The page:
Dad: “Will the client agree?”

Son: “Yes. The client has to agree. Can you face the world with a half-done haircut?”

Dad: “Ok. Now tell me what your company does once they secure a project.”

Son: “First, we will form a team for the project. A Project Manager will head the team.”

Dad: “That means, the person appointed as the Project Manager will know every aspect of that project.”

Son: “Not at all. The Project Manager knows nothing of what the programmers under him do.”

Dad: “If so, what is his work?”

Son: “If any of us make a mistake, we will point our finger at the Project Manager. He is the proverbial Redeemer, ‘The lamb of God who takes away the sins of the world‘, the martyr, and the scapegoat. He is always under stress wondering who in the team might be next trying to bury him. “

Dad: “Poor fellow.”

Son: “The success or failure of a project is in the hands of the Project ManagerIf it is a success, the team gets the accolade, but if it fails, then he gets the boot. “

Dad: “I pity the poor soul.”

Son: “If we have any problems, we approach him.”

Dad: “Will he solve your problems?”

Son: “What! Solve our problems? Never. The company pays him to shake his head in the affirmative and mumble, ‘I fully understand your problem‘. It’s like you shake your head before Amma (mom).”

Dad: “I am glad to know that you at least accept me as the manager of this house. Carry on.”

Son: “Under the Project Manager are the Tech Lead, Model Lead, Program Developers, Software Testers, etc.)”

Dad: “You come under the category of…”

Son: “Developer. Most developers are from Tamilnadu, Andhra, and Karnataka.”

Dad: “What do the Testers do?”

Son: “The sole object of the Testers is to find fault with the work of the developers.”

Dad: “What! Your company pays Testers to find fault in the work of others?”

Son: “Yes.”

Dad: “So, with the combined efforts of all these staff, the project would be easy to complete, isn’t it?”

Son: “It’s not so. Only the developers and the testers work. Others, from my point of view, just idle.”

Dad: “Will you complete the project before the due date?”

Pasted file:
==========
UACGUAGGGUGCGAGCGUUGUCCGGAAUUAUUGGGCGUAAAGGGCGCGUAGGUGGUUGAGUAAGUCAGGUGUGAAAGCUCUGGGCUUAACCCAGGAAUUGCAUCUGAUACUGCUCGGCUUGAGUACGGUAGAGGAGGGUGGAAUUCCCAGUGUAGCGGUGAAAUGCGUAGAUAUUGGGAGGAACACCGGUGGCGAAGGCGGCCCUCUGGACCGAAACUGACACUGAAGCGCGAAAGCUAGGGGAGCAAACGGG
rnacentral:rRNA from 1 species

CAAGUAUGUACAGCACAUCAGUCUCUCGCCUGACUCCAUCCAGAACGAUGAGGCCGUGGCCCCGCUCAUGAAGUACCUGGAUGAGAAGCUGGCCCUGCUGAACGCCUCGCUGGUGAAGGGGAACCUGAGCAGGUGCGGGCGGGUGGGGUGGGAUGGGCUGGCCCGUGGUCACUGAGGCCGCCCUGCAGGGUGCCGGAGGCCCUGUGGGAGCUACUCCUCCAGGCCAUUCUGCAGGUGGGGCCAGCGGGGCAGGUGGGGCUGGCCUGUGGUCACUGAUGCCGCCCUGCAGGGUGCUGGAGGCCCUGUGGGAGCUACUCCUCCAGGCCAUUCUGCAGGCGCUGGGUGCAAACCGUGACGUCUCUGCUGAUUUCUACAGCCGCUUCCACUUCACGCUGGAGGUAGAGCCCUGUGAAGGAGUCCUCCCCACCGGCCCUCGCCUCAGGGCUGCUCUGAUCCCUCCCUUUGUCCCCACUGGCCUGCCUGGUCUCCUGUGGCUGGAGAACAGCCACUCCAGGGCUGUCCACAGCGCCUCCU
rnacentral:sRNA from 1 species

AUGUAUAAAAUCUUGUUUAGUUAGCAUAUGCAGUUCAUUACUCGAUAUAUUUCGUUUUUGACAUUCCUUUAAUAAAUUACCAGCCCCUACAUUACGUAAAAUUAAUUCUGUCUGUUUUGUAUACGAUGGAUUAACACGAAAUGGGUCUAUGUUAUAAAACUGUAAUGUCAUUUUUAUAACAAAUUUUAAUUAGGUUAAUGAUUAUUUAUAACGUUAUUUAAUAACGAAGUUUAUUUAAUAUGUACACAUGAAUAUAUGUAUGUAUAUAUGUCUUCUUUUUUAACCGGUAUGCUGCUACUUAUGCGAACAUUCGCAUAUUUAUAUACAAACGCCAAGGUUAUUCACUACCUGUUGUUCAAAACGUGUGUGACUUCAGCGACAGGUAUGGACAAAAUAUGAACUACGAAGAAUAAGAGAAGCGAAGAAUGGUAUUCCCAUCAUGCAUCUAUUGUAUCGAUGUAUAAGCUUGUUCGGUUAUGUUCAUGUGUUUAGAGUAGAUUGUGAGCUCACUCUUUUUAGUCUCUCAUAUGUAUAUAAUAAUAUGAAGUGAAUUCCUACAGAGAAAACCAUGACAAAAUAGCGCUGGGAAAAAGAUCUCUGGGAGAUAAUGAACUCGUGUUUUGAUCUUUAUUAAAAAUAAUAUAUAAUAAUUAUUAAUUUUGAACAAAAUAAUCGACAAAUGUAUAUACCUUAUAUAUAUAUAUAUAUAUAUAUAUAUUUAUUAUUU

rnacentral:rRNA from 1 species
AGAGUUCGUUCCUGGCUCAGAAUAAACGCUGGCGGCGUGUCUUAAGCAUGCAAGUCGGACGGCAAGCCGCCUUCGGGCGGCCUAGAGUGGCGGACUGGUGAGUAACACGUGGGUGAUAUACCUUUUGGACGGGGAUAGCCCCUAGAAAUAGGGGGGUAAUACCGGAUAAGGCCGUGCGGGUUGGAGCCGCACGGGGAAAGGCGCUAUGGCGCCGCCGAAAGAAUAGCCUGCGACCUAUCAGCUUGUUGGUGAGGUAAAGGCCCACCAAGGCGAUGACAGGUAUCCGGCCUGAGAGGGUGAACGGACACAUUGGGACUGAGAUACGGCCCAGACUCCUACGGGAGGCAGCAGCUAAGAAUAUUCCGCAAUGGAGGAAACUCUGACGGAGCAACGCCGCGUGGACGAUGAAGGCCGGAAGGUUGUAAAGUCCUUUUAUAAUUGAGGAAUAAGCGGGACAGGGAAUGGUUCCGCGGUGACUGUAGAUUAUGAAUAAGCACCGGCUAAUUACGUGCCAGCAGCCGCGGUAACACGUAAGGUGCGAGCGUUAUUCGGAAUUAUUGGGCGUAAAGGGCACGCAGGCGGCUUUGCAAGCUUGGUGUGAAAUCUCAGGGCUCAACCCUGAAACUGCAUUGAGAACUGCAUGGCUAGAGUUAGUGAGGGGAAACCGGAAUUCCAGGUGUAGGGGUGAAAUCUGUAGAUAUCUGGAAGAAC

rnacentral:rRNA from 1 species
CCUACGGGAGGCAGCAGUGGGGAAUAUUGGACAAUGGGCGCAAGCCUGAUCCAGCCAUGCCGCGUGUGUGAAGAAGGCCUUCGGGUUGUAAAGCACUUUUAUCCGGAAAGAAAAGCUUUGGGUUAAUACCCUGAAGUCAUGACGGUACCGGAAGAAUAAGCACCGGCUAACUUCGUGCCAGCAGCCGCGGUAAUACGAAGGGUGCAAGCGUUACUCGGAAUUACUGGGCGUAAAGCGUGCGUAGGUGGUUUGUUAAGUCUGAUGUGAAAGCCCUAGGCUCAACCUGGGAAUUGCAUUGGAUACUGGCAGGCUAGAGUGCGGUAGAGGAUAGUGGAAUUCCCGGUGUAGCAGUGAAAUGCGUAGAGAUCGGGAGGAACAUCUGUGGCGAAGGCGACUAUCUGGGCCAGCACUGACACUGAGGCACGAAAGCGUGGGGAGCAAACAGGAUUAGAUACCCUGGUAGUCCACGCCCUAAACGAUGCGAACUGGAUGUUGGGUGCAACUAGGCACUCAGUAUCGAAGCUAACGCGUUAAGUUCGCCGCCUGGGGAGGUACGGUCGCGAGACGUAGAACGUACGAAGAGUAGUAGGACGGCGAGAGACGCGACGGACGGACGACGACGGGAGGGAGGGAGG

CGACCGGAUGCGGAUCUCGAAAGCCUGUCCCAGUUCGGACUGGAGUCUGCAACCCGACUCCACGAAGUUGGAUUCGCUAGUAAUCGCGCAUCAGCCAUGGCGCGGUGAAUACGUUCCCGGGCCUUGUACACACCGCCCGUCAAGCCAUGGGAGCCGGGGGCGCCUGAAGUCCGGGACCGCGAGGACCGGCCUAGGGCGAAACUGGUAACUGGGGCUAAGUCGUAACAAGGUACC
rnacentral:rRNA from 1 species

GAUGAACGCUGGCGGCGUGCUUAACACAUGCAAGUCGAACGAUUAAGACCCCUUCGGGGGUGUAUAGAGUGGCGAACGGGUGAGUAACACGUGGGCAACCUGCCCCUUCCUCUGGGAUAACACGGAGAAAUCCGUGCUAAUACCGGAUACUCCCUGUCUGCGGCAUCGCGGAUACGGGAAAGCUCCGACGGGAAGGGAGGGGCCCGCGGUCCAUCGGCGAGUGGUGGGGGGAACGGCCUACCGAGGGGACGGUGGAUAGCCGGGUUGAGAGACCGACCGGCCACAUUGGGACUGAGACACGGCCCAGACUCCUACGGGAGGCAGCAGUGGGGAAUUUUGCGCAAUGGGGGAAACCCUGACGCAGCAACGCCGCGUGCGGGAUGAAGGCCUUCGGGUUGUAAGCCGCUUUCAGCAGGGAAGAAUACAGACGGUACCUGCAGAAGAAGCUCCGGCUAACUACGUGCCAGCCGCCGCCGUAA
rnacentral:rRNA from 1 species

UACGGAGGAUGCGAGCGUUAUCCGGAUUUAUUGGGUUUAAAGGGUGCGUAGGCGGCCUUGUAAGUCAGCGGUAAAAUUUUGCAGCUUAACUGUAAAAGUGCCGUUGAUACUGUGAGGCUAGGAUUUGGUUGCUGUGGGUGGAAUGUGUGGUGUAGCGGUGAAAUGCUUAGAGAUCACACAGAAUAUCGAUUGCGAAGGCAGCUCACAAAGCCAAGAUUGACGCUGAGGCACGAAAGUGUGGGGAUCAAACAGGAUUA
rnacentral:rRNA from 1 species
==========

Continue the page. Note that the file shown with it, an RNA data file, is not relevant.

Son: “Of course not. It would be a shame if we complete the work by the due date and it would rather be better to commit suicide because the management would think the work is just simple and start the process of retrenching.”

Dad: “But, won’t the client question the company about the time lag in completing the project?”

Son: “Yes. The client will! But, we will counter the client by saying, the computers they gave us were dusty; their staff coughed during the team meets infecting our staff; inclement weather; unpleasant working environment; toilets not clean;  cobwebs on the ceiling, etc., and flabergast the client.”

Dad: “And then…”

Son: “The confused client, with no other option left, will give us some more time to finish the project.”

Dad: “And will you complete the project in time and hand  it over to the client?”

Son: “Not at all. If we do that, then half the computer savvy people in our country will have to beg on the streets.”

Dad: “So?”

Son: “A few weeks before handing over the completed project, we will stage a scene before the client. We will throw a hint that we had accomplished something stupendous in our project that only our developers could understand and manage.”

Dad: “And?”

Son: “Like a new bride, the flabergasted client will beg us to not to leave and will request us to provide them a few of our developers who could stay with them to run and take care of the project. This additional process called ‘Maintenance and Support‘ will be an ongoing project for years to come.”

Dad: “Now, I understand the workings and strategies of an IT company. It’s not only marrying a woman, but also maintaining her for an indefinite period in the future!”

Son: “Yes, Appa.”